It’s not just a matter of affection growing on closer acquaintance. Role for role, the road version is much better cast than the New York original. Charm – a scarce commodity on Broadway – now abounds.
Take the central role, Man in Chair. Even before the lights go up, this namby-pamby narrator is talking to the audience. He has invited us into his living room, where he’s about to play a beloved old LP of a 1920s musical named, naturally, The Drowsy Chaperone. He sets the scene and puts on the overture – as the show comes to life behind him.
Bob Martin, who co-wrote the book with Don McKellar, performed the part himself originally. Here it is his old friend and fellow Canadian Jonathan Crombie, familiar to American audiences as Gilbert Blythe on the TV version of Anne of Green Gables. Mr. Crombie makes Man in Chair lovable in spite of, or perhaps because of, his theater-obsessed neuroses. He’s realer and more poignant than Mr. Martin was.
I found several of the principal performers on Broadway downright annoying, but that doesn’t happen with the touring cast. Andrea Chamberlain projects a lovely 1920s quality as Janet, the stage star ostentatiously giving up her career to marry the heir to a petroleum fortune, Robert (Mark Ledbetter). Wistful and glamorous by turns, Ms. Chamberlain reminds you of Betty Boop as interpreted by a young Bernadette Peters.
Georgia Engel, the one New York performer carrying over on the tour, gently sells the songs Lisa Lambert and Greg Morrison wrote for the show. As her comic butler, Dallas favorite Robert Dorfman clowns it up magnificently and displays an unsuspected talent for tap dancing. James Moye even makes the nearly insufferable fake-Italian lover boy, Adolpho, entertaining.
Best of all, one of Broadway’s top comedians, Nancy Opel, plays the title role with a broad insouciance that takes us into her confidence. The chaperone – whose sole function is to make sure the bride doesn’t see the groom before the wedding – brings along her own liquor cabinet. It’s Prohibition, after all. Ms. Opel can belt and croon and mug hilariously while doing one of the best drunk acts you’ll ever see. The original performer in this role won a Tony; if there were any justice, Ms. Opel would be given a pair of them to balance on her mantelpiece.
Die-hard musical theater fans must not miss The Drowsy Chaperone. This touring version is so good you can have a good time even if you couldn’t tell Cole Porter from Stephen Sondheim in a crowd of two.
May 30th, 2008
WRR 101.1 FM Radio
CATS interview with Michael A. Jenkins
Interviewed by Christopher Hackett
Audio recording of President and Managing Director Michael Jenkins interview about the Andrew Lloyd Webber show CATS, which opens Tuesday, May 27, 2008 at the Music Hall at Fair Park.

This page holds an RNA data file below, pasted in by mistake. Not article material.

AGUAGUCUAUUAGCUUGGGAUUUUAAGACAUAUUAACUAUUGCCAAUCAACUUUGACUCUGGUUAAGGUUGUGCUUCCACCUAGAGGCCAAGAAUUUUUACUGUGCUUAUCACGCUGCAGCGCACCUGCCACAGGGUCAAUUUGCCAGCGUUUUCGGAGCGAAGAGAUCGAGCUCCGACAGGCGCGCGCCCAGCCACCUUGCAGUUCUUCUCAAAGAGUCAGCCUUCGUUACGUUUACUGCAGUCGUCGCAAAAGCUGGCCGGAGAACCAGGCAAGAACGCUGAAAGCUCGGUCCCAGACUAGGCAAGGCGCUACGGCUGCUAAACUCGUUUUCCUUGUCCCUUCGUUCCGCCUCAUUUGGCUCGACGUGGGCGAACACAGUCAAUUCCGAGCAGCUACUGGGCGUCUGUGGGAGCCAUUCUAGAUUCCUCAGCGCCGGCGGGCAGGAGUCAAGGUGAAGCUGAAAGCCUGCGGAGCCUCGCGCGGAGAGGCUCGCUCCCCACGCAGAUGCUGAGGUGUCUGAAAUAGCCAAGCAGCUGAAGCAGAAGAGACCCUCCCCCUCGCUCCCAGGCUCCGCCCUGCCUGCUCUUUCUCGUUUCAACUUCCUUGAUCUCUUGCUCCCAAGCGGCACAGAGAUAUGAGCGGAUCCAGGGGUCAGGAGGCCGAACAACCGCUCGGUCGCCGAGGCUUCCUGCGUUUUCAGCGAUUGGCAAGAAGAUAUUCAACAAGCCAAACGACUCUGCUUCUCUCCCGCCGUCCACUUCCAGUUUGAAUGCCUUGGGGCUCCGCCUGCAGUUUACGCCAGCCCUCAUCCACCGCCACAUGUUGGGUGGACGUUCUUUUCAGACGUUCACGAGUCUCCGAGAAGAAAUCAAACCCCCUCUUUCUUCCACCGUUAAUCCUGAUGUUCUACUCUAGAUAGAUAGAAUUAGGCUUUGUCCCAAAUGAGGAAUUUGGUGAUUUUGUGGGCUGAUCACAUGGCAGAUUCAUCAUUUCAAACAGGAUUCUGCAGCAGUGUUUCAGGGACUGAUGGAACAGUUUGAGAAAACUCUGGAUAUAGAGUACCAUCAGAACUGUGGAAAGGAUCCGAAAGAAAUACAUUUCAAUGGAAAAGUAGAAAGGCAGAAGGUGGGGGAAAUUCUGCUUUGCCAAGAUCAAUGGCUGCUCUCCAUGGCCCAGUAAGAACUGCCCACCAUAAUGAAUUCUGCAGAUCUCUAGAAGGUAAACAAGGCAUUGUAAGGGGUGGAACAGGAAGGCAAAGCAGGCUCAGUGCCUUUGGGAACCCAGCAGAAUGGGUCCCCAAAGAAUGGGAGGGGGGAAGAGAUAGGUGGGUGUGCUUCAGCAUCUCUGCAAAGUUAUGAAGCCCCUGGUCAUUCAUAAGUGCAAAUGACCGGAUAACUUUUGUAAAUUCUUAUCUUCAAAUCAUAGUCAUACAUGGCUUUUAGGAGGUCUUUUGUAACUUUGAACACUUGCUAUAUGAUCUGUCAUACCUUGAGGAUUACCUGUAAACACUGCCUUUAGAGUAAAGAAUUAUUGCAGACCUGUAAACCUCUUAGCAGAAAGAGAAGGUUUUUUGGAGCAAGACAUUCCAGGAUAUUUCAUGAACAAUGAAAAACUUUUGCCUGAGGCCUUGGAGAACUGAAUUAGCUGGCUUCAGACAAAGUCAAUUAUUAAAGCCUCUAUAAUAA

February 22nd, 2008
2/22/2008 12:00AM CST
by Alexandra Bonifield
The main problem with a biopic is that everyone already knows how the story ends. There’s no suspense or dramatic conflict to resolve. Case in point is the national Columbia Artists Theatricals’ touring show Love, Janis playing through February 24 at the Majestic Theatre under the auspices of Comerica Bank and Dallas Summer Musicals. The music is beyond fabulous. The additional stuff is, well, stuff.
Randal Myler, director/co-author of the award-winning “Hank Williams: Lost Highway” biopic conceived of and directed this musical, drawing inspiration from Laura Joplin’s biography of her sister, “Love, Janis.” The program states that the “entire spoken text comes directly from Janis, herself”, gleaned from family correspondence and media interviews. What comes across is the disparity between the average, insecure, small town girl desperate for love and approval that Janis was and the consummate blues/rock singer she became, an ideal disaffected, drug-addicted icon for the late 60’s era.
The audience is initially lulled to attention by black and white family photos from Janis’ childhood projected in muted tones across a huge scrim behind the stage, accompanied without explanation by a recording of Odetta singing “I Know Where I’m Going”. Without pause the frenetic, psychedelic rock show launches in full force, The lights come up bright and full on a rockin’ out four piece band and there she is– it’s Janis in signature 60’s garb, large as life, pouring everything she’s got into “Piece of My Heart” on a downstage mike. Psychedelic-inspired patterns swirl and gyrate across the upstage scrim. All that’s missing is the odor of stale, cheap beer mixed with the heady perfume of marijuana smoke wafting through the crowd. And the singing Janis is breath taking.